A few years ago there was a legal battle to determine if there could be a
200-mile hiking and biking trail across Missouri. During that time, we heard
scare stories about hoodlums, vandals and thieves making life difficult for
farmers. Rural mailboxes would be battered, gates left open, campfires would
spread, growing crops trampled.
My reply to that has always been: “Hoodlums and the vandals don’t go to the
wilderness to trash things. They express their need for attention where
there’s an audience.”
We have often hosted small groups of friends who wished to camp in our woods
and have had no abuse of our property.
Here are some comments I jotted down on one occasion:
A dozen campers are in our woods this weekend. It’s Sunday, almost sunrise,
and we’ve had a heavy frost. I’ve walked up to the spot where I can see blue
smoke rising straight up from the campfire, but only a few people are moving
around. I imagine I can smell their coffee.
The early risers are the lucky ones because, within the next few minutes,
they’ll see the sun peek over the horizon and turn those scattered clouds
purple, orchid, rose and white -- in rapid succession.
I stroll with camera in hand and dog at my side, waiting for the sun to
brighten up those orange and blue tents against a background of frosty, green
trees. I relive my younger days because Chub and I were campers. As country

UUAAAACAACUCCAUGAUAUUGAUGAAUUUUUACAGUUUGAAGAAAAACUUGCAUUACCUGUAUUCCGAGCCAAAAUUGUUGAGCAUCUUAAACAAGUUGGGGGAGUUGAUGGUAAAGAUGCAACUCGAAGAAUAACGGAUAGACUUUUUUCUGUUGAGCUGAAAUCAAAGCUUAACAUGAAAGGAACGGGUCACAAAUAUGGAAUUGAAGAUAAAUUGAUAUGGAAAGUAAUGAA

kids, our parents didn’t see the value of our being a Campfire Girl or a Boy
Scout, but we love the woods and enjoy it in our own ways.
In the 1930s, we waded in a creek one Feb. 22. That was our way of celebrating
Washington’s birthday! We carried native rocks from a little creek, enough to
veneer the small home we built after World War II.
We toured and camped in many states when Nancy and Walt were young. We dragged
scallops with a kind fisherman at Benoits Cove in Newfoundland. Later that
foggy morning, we fried the scallops and pancakes over an open fire and topped
that off with maple syrup we’d bought at a farm in Vermont.
Chub and I camped most every night when we bicycled 500 miles across
Newfoundland in 1974. We’ve many camping memories. That’s why we’re happy that
campers are in our woods today. They’re hearing, seeing, smelling and feeling
what God created, the way He created it.
We’ve had no problem with litter, gates left open, cattle harassed, campfires
untended, noise all night. We choose thoughtful campers, and they sometimes
invited us to join them for a meal or for their campfire singing.
They came down a country lane, crossed a stream, hiked up a hill. They came
with springy steps, healthy bodies and happy hearts. Once two young men
knocked and asked, “Are there some chores we could do for you?” Yes, there
were. Three heavy railroad ties were promptly moved off our lawn and stored
out of sight. We don’t forget things like that.
Our wait is over. Now the sky is lighter, a fingernail piece of sun is in
sight, and I take some pictures. The campers will cook, eat, pack and then
stop at the house to say it was good to sleep out in the fresh, woodsy air.
It’s almost as if we had camped out ourselves. Chub and I smile and say,
“You’re welcome, come again.”